Yet professing that newspapers and other media platforms are forging their own original online video content is, in certain cases, simply not true.

One broadcasting stalwart is refusing to give up its share of the market to online rivals.

ITN has been extending its reach across the Internet, incessantly making sure its journalism reaches a larger audience whilst, at the same time, growing its profit margins.

Over a short period it has established a portfolio of partners to whom it supplies rushes and packages: Metro, MSN, AOL, The Daily Telegraph, The MailOnline, The Daily Express, The Daily Star…

Only two years ago Telegraph TV was making its own current affairs discussion programmes. Now, it offers only hard new packages using rushes distributed by ITN.

Behind this machine is subsidiary ITN Productions. Launched last year, t describes itself as ‘a central  creative hub producing content for the broadcast, online, mobile and corporate sectors’. As well as creating content, they offer clients ‘award-winning studios and graphics teams for hire’.

Perhaps this is the main selling point: ‘finding new ways to create exciting content tailored for any audience’.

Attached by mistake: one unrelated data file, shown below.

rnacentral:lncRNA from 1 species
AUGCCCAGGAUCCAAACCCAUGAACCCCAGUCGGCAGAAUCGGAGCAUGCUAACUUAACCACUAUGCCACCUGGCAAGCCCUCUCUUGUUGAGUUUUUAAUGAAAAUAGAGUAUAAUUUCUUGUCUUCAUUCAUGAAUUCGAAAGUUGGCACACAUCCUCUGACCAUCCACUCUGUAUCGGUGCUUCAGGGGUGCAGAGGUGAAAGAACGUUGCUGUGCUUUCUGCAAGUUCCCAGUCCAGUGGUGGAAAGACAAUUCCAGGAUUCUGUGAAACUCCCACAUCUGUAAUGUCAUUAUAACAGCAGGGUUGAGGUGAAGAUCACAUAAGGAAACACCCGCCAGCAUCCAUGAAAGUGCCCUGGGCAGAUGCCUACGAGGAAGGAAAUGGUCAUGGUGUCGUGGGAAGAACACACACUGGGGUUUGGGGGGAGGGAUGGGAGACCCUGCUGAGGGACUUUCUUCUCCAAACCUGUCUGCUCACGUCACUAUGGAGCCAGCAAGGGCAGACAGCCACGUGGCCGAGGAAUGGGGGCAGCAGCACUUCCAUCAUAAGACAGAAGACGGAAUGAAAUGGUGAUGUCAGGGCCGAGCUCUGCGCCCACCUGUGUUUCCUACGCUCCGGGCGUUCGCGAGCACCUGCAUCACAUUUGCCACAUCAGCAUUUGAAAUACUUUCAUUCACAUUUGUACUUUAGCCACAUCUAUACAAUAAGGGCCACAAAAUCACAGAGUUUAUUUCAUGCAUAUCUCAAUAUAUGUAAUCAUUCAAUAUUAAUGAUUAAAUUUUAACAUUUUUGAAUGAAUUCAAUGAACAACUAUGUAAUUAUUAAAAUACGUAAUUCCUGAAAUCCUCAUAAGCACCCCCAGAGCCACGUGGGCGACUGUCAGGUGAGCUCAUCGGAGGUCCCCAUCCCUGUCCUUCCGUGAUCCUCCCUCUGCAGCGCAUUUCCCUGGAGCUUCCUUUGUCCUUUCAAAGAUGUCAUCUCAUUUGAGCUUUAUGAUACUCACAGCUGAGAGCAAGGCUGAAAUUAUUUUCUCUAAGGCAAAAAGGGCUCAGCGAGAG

ITN Productions has recently announced the launch of a Youtube Royal Wedding Channel. It will be a focus of all news content on the build up to the April event.

For a while the Internet has been changing the manner in which news is consumed. Niche interests are being satisfied to the detriment of broader news consumption.

ITN, one of the UK’s few conventional news structures, has joined this revolution. Its prevalence and continued expansion in online journalism is proof that traditional broadcasters are still the best at making and distributing video journalism – by computer AND television.


Worried about tighter copyright infringement rules?

By Toby Coaker

In 2010 the Government introduced the Digital Economy Act. Of most concern amongst amateur/citizen journalists has been the tightening of copyright infringement rules. The Act establishes a system of law which aims to increase the ease of tracking down and suing persistent infringers.

If you’re a video journalist, you might be confused about what you can or can not include in your online video content. To ease your mind, think about using an established footage and archive provider. Not having to worry about breaching copyright law is exchanged for a small fee. It also makes it easier to grab that much-needed iconic or relevant shot.

Ann Johnson from FOCAL International told VJO a little more about how they can help video journalists: